Os Tomorrow In Local School
Ann F. Spruill has been named |
the Betty Crocker Homemaker of
Tomorrow in Edenton.
Sfie received the highest score
in a written examination on
homemaking knowledge and atti
tudes taken by girls
in' the Edenton Junior-Senior
High School.
Her examination paper now
will be entered in competition
with those of 390 other school
winners to name this state’s can
didate for the title of All-Ameri
can Homemaker of Tomorrow and
will also be considered for the
runnerup' award in the state. For
her achievement, she will receive
an award pin designed by Trifari
of New York.
Mrs. George K. Mack Appointed
Chowan County Chairman For
National Library Week Group
Mrs. George K. Mack has been
appointed Chowan County Chair
man of the National Library
Week Committee. The appoint
ment was made by Mrs. Grace
Taylor Rodenbough, State Chair
man. Members of the Chowan
County Committee include Miss
Ruby Felts, Miss Myrtle Jenkins,
Miss Lena Jones, Mrs. S. M. Mc-
Mullan, Thomas Shepard, Ernest
Kehayes, W. W. Byrum, Mrs. Wil
liam A. Graham, Harry Smith,
Mrs. W. W. Byrum, Jr., Mrs. Jun
ius Davis, the Rev. George B.
Holmes and Mrs. Selby Harney,
all of Edenton.
National Library Week will be
celebrated March 16-22. Its pur
pose is to encourage the people
of the United States to do more
reading. “Wake Up and Read!”
is the theme for the first year.
Marchette Chute, biographer and
member of the National Commit
tee wrote, “We cannot afford a
country of lazy minds and the
Highway Meeting Scheduled To
Be Held In Edenton Feb. 27th
In an effort to become better
acquainted with local street and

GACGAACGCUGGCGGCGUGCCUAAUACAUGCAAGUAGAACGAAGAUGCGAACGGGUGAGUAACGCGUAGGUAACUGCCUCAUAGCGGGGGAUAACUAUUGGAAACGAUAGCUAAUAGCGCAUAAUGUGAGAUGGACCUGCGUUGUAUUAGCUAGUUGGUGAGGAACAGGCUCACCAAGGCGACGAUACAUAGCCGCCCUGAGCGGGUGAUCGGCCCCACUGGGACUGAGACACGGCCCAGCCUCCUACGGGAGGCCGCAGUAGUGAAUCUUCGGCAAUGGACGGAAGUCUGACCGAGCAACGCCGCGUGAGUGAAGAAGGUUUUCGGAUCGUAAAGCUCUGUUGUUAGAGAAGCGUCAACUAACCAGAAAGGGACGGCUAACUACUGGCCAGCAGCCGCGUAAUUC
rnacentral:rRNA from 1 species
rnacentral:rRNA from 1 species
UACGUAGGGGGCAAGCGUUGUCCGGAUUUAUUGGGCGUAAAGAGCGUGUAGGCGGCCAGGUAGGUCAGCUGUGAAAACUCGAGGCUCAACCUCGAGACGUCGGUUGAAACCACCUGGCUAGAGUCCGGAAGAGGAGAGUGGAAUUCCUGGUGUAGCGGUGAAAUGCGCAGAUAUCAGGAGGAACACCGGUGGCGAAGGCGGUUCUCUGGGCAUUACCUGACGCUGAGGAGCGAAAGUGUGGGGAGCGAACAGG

highway problems, the North Car
olina State Highway Commission
and the administrative staff of
the Highway Department is
scheduling informal meetings in
many sections of the state. The
Commission feels such meetings
afford an invaluable opportunity
for officials at the state, county,
and municipal level to understand
mutual problems and responsi
Such a meeting has been sched
uled to be held in the Chowan
County Court House Thursday af
ternoon, February 27, at 2:30
Commissioners from nine north
eastern North Carolina counties
are being extended invitations
along with municipal officials
from twenty-three cities and
Clothing Class
Being Planned
Miss Ann E. Lassiter, home
making teacher at the .Edenton
Junior-Senior High School, has
announced plans for organizing
a clothing class. A meeting will
be held in the home economics
department of the school Monday
night, February 17, at 7:30 o’clock,
at which anyone interested is urg
ed to attend. At that time it is
hoped a class can be organized.
“There are so many new and
better ways of doing things,” says
Miss Lassiter, “and we all want
to keep up with the times. Would
you like to join this beginning
clothing class and solve some of